Today is Melanoma Day, as recognized by the Canadian Dermatology Association, but it has a much more personal meaning for me.
May 3rd is a date I will never forget. That afternoon in 2019 while on a call for work, my husband interrupted me to let me know my doctor had just called, and he would be calling back in 15 minutes. About 10 days earlier I had a suspicious mole biopsied, but the doctors didn’t seem concerned saying “if it was anything it is likely a basal cell carcinoma.” I wasn’t worried. I wasn’t a sun worshiper and wore sunscreen regularly.
While on vacation in Arizona in 2018 my daughter pointed out a strange mole and suggested I get it checked out. I had it looked at multiple times over the next year but the doctors weren’t concerned. It wasn’t until it started to bleed that I knew something might be wrong.
The doctor called back “Hi Sally, we have your results and I’m sorry but it’s MELANOMA……..INVASIVE…….SURGICAL ONCOLOGIST…”. Honestly after he said melanoma I didn’t hear much else except those few words that have stuck with me ever since. Since it was a Friday afternoon, nothing else could be done, no appointments could be booked and I couldn’t follow up with my doctor and so the waiting and anxiety began. I work in a business environment in accounting and all I could think is, you don’t fire someone on a Friday, so how could you give someone a cancer diagnosis on a Friday afternoon.
During my diagnosis I experienced a lot of anxiety waiting for appointments and results, knowing I had an invasive form of cancer. The internet is filled with so many sad stories of people who have had tragic outcomes from their melanoma diagnosis but I often found comfort in reading the good news stories shared by MNC. It gave me hope that there is a light at the other end of the tunnel.
The first person I spoke with at MNC was Annette, she helped me understand my test results, prepare for treatment, and armed me with the right questions to ask during my appointment. One month after my diagnosis I was supposed to attend a charity golf tournament for work and the thought of spending the day in the sun was terrifying. My husband called Annette and she reassured him that I could resume my normal activities in a sun safe way, MNC even hosts a golf tournament.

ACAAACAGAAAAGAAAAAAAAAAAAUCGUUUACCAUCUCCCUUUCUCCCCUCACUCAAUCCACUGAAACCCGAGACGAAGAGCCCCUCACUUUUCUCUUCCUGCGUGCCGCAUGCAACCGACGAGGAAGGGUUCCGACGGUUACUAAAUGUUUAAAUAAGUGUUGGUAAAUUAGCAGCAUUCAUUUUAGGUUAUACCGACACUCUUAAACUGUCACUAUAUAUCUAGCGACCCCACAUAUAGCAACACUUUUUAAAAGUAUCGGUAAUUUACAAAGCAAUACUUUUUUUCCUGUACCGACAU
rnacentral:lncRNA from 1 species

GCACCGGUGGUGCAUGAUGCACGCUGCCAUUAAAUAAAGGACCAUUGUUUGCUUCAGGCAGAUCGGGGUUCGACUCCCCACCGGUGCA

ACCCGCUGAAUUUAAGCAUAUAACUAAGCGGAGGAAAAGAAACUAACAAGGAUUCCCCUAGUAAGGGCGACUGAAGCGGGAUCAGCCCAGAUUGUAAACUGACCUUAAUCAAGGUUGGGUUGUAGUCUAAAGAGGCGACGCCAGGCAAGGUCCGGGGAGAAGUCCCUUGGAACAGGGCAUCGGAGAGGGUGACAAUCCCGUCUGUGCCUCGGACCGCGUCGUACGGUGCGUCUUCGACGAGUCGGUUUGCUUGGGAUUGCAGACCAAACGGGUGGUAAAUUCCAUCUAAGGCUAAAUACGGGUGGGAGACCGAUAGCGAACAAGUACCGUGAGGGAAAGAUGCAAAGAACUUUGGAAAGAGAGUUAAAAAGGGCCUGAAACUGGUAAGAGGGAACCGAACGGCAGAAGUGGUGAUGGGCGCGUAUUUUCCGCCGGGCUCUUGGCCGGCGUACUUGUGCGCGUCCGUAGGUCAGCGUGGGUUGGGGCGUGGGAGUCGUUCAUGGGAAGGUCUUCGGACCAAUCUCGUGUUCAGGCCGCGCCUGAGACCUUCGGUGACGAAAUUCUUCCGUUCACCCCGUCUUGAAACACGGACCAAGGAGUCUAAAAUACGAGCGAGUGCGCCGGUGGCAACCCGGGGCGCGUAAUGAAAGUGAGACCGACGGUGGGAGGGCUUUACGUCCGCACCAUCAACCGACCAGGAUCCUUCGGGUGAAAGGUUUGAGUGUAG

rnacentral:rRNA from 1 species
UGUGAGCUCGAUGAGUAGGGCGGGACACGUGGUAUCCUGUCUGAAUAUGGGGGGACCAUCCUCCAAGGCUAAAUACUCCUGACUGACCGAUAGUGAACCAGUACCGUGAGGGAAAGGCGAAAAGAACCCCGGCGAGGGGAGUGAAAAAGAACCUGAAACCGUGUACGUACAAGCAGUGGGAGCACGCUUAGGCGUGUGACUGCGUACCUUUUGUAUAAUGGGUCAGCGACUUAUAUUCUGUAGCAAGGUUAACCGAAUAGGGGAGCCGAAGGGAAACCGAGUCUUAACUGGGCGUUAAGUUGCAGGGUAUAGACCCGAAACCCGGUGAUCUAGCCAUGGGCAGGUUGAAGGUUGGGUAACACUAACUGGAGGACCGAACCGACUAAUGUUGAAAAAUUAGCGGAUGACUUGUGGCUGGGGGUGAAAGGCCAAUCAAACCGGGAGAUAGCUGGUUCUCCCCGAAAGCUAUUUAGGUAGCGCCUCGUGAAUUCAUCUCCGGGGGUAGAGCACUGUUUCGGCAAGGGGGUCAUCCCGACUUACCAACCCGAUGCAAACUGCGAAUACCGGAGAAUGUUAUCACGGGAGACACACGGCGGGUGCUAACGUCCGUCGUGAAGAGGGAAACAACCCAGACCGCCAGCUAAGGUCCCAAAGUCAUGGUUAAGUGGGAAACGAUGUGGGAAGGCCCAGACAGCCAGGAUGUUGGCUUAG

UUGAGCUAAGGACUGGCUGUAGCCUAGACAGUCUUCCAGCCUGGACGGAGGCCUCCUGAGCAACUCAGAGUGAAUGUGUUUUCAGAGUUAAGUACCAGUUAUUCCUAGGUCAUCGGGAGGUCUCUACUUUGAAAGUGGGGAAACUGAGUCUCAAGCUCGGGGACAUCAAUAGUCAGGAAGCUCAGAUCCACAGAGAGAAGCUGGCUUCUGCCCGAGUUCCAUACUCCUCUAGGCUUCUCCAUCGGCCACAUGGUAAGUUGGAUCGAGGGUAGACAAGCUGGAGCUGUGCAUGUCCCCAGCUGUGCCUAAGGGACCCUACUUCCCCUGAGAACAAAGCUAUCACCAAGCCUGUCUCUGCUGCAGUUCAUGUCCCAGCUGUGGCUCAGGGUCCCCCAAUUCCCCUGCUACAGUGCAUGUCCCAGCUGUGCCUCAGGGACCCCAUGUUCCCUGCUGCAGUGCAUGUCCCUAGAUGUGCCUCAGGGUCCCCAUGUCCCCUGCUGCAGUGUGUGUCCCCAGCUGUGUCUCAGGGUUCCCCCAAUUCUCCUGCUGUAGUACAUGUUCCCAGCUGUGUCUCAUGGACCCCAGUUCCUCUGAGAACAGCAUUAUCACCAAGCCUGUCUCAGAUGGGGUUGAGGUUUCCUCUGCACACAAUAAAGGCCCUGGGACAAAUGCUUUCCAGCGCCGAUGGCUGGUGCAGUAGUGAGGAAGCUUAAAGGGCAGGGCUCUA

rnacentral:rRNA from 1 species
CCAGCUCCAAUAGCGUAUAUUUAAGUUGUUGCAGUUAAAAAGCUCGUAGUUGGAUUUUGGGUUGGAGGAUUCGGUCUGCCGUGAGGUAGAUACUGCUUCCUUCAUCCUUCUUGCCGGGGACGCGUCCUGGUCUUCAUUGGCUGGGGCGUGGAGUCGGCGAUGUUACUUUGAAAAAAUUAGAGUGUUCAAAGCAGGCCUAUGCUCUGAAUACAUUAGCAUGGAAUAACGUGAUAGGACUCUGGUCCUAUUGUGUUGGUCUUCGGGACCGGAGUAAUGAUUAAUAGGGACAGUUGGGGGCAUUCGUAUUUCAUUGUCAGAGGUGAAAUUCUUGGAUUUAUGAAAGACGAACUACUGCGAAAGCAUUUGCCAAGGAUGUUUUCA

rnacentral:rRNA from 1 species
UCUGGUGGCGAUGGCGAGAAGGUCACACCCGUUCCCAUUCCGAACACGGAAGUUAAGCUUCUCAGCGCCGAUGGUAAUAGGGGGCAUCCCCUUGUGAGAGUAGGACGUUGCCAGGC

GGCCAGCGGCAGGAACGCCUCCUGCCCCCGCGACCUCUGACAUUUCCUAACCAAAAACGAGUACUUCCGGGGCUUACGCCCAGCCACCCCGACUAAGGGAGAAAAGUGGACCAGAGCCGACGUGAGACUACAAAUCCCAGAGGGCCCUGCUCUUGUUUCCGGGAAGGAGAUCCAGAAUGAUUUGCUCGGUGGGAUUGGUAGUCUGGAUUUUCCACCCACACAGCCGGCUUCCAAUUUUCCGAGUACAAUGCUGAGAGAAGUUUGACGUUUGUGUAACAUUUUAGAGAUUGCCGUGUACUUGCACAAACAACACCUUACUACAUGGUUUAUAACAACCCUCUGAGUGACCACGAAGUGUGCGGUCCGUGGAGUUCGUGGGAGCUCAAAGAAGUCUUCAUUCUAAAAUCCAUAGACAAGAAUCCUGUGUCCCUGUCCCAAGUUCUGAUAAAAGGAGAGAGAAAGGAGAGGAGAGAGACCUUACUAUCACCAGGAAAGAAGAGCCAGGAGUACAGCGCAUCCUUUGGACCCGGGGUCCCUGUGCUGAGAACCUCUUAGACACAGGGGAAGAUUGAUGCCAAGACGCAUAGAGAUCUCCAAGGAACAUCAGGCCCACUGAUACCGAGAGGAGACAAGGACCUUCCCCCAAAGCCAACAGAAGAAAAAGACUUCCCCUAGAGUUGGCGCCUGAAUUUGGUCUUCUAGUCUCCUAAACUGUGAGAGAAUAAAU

The first year after my diagnosis was challenging, I had a wide-local excision on my right arm and a sentinel node biopsy with 4 nodes removed. Originally, I was self-conscious about my scar but now it reminds me to be sun safe. Two years since my diagnosis I realize that it has impacted my life in many positive ways. I’m much healthier – eating well and exercising regularly. I do my monthly mole checks and follow up with my dermatologist every three months. I’ve realized that I don’t need to be afraid of the sun because I’m in control of my own environment. I always wear my sunscreen, sun protective clothing, and a hat. I avoid peak UV hours (11am-3pm) when possible, seek shade, and use an app to track the UV levels. Having this knowledge is empowering. Now I’m able to continue to do the things I love, like walks with my baby granddaughter while ensuring we are all staying sun safe.
Skin cancer and melanoma can be prevented if we protect ourselves. Educate your loved ones and friends. I’ve even convinced my mailman to wear a hat. Sun safety can save your life!